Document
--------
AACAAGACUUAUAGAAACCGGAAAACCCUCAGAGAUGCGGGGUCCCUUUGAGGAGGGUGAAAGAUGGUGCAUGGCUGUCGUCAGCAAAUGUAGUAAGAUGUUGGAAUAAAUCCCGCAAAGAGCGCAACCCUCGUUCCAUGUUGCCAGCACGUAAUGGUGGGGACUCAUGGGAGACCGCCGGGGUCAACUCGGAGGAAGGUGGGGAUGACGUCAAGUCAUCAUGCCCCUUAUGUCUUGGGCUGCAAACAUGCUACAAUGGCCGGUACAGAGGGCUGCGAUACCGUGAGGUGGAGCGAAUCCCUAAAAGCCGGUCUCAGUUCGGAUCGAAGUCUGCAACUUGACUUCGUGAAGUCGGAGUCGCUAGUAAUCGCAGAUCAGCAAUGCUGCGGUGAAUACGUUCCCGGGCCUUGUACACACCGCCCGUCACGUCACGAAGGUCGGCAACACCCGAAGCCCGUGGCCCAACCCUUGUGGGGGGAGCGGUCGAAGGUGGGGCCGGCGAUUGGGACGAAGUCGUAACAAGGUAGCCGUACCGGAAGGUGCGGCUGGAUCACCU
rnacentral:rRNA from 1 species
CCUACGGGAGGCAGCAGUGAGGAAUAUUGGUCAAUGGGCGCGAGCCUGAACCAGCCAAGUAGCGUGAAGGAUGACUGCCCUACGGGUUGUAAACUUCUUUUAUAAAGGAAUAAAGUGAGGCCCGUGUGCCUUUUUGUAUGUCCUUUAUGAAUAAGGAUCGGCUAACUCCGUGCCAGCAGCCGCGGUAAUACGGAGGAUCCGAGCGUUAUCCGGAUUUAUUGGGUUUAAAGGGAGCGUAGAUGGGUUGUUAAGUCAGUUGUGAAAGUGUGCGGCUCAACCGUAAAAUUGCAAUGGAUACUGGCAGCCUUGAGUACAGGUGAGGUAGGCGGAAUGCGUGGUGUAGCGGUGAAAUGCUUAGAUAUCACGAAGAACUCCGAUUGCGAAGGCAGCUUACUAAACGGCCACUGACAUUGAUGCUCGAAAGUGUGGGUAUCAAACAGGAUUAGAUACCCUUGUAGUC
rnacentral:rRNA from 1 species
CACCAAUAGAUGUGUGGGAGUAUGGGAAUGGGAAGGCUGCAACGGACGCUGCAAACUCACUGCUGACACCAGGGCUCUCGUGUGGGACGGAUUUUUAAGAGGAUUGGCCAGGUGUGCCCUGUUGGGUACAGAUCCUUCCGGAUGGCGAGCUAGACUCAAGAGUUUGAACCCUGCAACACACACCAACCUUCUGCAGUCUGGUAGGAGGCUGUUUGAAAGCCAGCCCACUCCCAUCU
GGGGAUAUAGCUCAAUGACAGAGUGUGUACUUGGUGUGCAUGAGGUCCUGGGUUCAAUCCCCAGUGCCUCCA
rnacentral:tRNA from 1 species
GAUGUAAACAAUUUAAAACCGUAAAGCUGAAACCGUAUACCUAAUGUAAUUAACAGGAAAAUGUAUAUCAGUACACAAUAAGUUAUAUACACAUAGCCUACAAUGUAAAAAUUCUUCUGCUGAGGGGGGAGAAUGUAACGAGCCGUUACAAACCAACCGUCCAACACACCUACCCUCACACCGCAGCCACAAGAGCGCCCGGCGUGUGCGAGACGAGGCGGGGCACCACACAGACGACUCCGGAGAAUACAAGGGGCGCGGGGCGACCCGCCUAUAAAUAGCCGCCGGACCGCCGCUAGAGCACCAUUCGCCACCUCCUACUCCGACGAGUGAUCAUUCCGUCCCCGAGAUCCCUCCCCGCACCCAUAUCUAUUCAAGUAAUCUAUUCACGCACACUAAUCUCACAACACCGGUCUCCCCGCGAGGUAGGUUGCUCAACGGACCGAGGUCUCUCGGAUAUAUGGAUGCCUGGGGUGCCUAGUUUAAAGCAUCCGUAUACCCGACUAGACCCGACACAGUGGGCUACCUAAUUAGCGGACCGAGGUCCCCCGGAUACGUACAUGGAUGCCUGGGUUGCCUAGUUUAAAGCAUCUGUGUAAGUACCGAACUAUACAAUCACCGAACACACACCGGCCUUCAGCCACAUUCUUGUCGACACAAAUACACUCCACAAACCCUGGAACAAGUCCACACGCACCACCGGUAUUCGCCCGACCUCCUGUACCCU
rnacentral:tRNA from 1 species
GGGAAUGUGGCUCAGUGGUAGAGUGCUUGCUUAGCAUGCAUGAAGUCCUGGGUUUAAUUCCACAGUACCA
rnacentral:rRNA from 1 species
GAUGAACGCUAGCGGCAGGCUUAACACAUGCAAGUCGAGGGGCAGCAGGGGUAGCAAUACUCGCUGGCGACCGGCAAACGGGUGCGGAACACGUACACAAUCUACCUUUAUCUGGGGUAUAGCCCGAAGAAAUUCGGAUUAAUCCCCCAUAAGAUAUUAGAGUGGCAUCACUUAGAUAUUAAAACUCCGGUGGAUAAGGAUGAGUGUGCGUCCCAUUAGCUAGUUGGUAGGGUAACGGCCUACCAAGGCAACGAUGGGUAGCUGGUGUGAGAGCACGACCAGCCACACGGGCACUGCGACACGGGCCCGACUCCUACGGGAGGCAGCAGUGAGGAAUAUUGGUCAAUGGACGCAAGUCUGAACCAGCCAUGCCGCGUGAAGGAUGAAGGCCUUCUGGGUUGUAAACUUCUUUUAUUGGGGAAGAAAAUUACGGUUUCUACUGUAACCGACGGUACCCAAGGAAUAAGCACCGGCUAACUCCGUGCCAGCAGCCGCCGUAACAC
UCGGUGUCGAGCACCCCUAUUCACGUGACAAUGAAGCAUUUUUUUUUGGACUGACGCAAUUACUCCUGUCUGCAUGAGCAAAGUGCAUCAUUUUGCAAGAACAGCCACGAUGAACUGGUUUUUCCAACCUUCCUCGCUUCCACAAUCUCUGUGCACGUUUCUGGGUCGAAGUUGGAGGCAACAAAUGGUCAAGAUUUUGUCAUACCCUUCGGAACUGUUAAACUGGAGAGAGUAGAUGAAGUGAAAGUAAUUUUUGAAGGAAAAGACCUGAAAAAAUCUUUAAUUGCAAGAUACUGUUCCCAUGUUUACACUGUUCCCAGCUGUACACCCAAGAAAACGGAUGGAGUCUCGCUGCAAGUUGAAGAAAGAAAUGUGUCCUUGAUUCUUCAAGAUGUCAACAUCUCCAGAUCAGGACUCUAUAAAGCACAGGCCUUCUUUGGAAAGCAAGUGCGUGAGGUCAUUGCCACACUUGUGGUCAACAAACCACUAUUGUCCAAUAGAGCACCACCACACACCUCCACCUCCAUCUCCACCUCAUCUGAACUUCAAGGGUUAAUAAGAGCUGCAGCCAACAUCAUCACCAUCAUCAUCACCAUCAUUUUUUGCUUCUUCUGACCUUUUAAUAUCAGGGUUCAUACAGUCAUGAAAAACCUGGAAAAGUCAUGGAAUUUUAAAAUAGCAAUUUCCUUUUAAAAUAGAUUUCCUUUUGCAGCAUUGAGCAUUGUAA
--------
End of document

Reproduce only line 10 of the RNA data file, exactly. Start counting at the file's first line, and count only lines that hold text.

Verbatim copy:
GGGAAUGUGGCUCAGUGGUAGAGUGCUUGCUUAGCAUGCAUGAAGUCCUGGGUUUAAUUCCACAGUACCA